Thursday, January 24, 2008

Bruce's Chile and Spice Rub

Last summer when grilling season was in full swing I pulled out my Bobbie Flay cookbooks and used them as inspiration for quite a few meals. I was impressed by the bold flavors and spice combinations. We used his recipes as a starting point for our own creations.
Yes, I said, OUR. As always when grilling is involved, the man of the house becomes quickly interested in dinner preparation, as he is the expret on the proper execution of a barbecued meal.
When the holidays rolled around I was looking for a simple but fabulous food gift for friends and family. A spice rub came to mind and I began my research to create something tasty and inspired. I pulled out an article from 1995 that I had clipped from Bon Appetit. It had a few different spice mixtures I thought were interesting 13 years ago. But now they seemed tired and had no WOW factor.
So Bobby Flay's books came out again and we revisited his Ancho chile and coffee rubbed steaks recipe. I went to Penzey's spice store and bought a whole bunch of corriander seed, cumin seeds, ancho chile powder, chipotle chile powder and a few other interesting bits.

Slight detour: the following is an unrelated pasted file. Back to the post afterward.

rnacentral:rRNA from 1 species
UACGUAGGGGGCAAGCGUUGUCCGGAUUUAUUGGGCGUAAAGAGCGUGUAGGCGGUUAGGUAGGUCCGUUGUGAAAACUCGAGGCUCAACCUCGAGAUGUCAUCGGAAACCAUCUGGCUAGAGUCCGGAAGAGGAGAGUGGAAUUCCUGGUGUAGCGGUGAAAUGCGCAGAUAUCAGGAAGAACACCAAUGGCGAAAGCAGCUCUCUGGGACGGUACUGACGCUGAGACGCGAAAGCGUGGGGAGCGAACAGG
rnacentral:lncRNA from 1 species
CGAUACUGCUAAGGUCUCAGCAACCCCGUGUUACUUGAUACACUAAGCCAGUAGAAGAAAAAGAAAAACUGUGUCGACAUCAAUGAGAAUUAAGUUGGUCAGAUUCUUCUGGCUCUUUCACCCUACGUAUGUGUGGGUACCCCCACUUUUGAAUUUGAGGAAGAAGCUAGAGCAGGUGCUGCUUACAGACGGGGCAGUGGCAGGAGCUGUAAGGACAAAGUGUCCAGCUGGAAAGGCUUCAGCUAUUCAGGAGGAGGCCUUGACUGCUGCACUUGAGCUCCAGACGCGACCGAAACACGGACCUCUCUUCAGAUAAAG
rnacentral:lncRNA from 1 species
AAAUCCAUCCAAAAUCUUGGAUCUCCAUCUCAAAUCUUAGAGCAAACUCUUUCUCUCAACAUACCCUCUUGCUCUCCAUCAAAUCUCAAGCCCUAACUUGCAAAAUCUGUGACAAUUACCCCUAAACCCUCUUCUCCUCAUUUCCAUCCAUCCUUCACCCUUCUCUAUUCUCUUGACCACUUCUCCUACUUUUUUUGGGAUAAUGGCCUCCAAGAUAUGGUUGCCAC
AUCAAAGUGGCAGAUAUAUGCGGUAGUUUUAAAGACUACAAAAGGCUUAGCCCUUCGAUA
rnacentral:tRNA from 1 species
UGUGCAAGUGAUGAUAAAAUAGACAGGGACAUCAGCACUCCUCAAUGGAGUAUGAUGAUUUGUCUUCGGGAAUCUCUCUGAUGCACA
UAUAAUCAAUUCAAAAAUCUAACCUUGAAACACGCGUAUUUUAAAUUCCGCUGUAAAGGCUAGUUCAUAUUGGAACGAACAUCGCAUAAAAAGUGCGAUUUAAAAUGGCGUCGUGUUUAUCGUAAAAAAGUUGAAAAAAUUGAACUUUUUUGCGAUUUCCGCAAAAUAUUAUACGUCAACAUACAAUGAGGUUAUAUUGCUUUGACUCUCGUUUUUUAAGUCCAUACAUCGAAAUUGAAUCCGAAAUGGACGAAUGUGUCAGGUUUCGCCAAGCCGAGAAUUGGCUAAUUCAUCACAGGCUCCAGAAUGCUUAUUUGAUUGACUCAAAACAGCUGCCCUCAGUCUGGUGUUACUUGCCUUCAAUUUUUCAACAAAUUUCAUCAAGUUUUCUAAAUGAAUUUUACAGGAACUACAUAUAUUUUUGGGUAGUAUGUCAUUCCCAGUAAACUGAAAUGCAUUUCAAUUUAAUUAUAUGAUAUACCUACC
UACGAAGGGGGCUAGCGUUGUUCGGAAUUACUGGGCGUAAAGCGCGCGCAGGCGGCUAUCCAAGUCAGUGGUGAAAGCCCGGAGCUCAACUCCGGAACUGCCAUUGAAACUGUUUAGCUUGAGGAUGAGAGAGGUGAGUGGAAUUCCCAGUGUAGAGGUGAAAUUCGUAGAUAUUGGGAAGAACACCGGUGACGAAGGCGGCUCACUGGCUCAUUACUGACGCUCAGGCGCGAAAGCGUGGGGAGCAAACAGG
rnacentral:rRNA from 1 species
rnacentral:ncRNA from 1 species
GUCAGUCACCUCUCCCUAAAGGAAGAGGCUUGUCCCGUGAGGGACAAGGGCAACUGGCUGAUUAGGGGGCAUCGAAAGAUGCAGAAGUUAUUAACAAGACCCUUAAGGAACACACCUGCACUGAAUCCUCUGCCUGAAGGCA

I came home with my treasures and Bruce and I went to work mixing up a huge batch of spice mix. We toasted all the spices that were whole seeds, which quickly filled the house with a
pungent, acrid spice smell and put us in the mood to create. We ground them finely using my old coffee grinder that had been sacrificed to the exotic aromas of spices years ago.
I found some whole cane sugar which had a wonderful earthiness to it. We pulled out my Illy ground espresso beans. Now we were ready to mix.
The ingredients are listed below from most to least used, but the amounts should be adjusted according to your own taste.
Like it spicy? Add more ancho chile powder.
Love garlic? Pour the garlic powder freely!
Need some smokiness? Use a little more ground chipotle chile.
If sweet is your thing, be heavy handed with the sugar.

The intensity of the flavors as well as the smoky / coffee flavor lend themselves to beef, but pork could handle it too! Just be sure to rub a crushed clove of garlic all over your meat before liberally coating it with the rub.


Bruce's Chile and Spice Rub

Coriander Seed
Cumin Seed
Whole Cane Sugar
Espresso Beans
Ground Chipotle Chile
Ancho Chile Powder
Sea Salt
Granulated Garlic
Ground Black Pepper